I cannot begin to count the number of typhoons that I have experienced. The Navy, when possible, sends ships to sea, when a typhoon or hurricane is imminent. A ship needs sea room to maneuver. Every mariner’s worst nightmare is to be caught on a lee shore during a storm.
I was serving in USS Mahopac, an Ocean Going Tug. We left Vung Tau, Viet Nam in the fall of 1968 with a huge square-ended floating crane in tow. We were bound for Sasebo, Japan. Our best towing speed was about three knots (80 miles per day). The trip would take about thirty days. A few days into the trip, we learned that we were in the path of a typhoon. We couldn’t run because of the drag of the tow and we could not abandon it. We had to ride it out.
Once the storm hit we could barely make turns (revolutions of the screw) for two knots. The towing motor reel that contained the towing wire would pay out wire when the strain was too heavy and take it back noisily when there was slack. If all the wire was taken off the spool it could result in damage to the motor and the ship and loss of the tow. Two knots were barely enough to maintain steerage way, keep the bow of the ship into the wind and seas and not severely overtax the towing equipment. We could not see the tow, it was lost in the rain. The only reason we knew it was there was the tension on the tow cable.
Water was washing over the signal bridge (the highest deck on the ship). We were taking up to forty-five degree rolls. The crew was extremely seasick. There were about six of us, out of a crew of forty-four that weren’t sick. The Captain, SM1, 2 EN1’s and an ICFN and I. The CO, the SM1 and I manned the bridge throughout that night, while the engineers kept the diesels running. I was helmsman for over twelve hours that night. Conditions started easing when morning came. I went to the galley to prepare some food and we started kicking guys out of their racks and getting them moving around again.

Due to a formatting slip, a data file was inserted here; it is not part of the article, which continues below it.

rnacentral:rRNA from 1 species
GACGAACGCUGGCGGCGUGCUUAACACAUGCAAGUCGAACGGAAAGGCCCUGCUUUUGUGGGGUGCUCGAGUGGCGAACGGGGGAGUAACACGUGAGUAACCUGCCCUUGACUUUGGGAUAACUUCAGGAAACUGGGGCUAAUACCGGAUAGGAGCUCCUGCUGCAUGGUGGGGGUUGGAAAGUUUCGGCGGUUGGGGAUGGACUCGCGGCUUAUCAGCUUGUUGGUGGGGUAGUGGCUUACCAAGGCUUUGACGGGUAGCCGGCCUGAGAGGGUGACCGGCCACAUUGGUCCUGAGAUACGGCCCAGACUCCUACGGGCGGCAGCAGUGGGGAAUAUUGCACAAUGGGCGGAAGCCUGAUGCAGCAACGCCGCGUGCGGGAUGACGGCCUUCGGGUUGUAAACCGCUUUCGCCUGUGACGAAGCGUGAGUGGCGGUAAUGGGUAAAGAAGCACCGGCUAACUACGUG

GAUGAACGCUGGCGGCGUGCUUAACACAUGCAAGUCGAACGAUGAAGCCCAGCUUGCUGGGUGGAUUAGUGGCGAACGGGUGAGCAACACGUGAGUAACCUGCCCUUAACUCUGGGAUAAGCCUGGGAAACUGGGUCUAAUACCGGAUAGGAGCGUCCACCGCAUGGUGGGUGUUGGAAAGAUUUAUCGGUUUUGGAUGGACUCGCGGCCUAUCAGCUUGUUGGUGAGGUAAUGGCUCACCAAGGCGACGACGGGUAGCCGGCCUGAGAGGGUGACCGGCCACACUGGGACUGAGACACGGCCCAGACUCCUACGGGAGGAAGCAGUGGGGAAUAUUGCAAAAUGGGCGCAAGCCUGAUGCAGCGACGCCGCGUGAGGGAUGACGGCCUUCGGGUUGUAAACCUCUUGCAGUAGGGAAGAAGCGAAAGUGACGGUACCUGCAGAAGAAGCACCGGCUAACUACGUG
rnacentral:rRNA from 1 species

After about seventy-two hours of these conditions, the weather cleared and we sorted ourselves out and took inventory. We lost that radar antenna and mast, the ships boat, and anything that wasn’t bolted down. The exhaust stack from the engine room was bent aft at a slight angle. All electrical navigation was knocked out.
During the storm, the Navigator could only guess as to our position. When the he was able to get a position, he discovered that we were almost one hundred eighty astern of our last known position before the storm. The tow had towed us from a position north of Da Nang, South Viet Nam to a position NNE of Cape St Jacques, the southern tip of Viet Nam. I rode out many other storms, but this one was the worst.
I have been asked if I was afraid when the Morton came under fire during the waning days of the Viet Nam war. I tell them no. I got over being afraid during a storm one night in the South China Sea.
Hurricane or Typhoon, it doesn’t matter what the hell you call them.